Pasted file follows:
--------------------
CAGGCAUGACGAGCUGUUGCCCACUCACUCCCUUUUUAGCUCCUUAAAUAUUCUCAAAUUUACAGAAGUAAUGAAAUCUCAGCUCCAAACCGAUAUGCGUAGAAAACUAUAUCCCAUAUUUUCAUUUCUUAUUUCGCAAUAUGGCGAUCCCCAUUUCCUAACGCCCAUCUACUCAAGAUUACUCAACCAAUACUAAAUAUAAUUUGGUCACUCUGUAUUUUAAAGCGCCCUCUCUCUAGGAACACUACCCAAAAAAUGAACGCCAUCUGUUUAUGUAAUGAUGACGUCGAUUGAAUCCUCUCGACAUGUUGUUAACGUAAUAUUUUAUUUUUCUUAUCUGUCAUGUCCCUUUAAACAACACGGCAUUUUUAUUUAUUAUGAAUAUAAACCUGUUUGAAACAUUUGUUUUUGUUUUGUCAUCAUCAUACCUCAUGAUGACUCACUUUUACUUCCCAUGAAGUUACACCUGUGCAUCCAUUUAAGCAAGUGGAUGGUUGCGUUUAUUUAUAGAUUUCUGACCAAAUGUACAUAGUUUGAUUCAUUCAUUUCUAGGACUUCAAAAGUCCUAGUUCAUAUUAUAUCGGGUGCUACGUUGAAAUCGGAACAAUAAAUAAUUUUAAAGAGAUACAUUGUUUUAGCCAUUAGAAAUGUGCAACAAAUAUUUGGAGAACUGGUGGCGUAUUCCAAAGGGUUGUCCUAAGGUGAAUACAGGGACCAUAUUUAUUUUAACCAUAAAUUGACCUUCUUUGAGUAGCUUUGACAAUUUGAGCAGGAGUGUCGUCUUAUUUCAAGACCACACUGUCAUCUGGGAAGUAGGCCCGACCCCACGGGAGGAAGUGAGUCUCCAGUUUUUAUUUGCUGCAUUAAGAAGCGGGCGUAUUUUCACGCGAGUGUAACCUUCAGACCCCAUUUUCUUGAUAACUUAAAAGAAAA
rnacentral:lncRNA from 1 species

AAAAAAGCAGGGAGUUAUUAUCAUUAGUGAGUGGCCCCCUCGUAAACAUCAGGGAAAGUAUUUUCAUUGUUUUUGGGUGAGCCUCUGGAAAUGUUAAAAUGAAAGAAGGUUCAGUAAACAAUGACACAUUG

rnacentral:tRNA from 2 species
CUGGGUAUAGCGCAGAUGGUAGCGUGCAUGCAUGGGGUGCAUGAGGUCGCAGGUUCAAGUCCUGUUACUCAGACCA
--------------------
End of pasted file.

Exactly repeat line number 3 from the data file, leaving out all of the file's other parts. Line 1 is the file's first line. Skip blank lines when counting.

AAAAAAGCAGGGAGUUAUUAUCAUUAGUGAGUGGCCCCCUCGUAAACAUCAGGGAAAGUAUUUUCAUUGUUUUUGGGUGAGCCUCUGGAAAUGUUAAAAUGAAAGAAGGUUCAGUAAACAAUGACACAUUG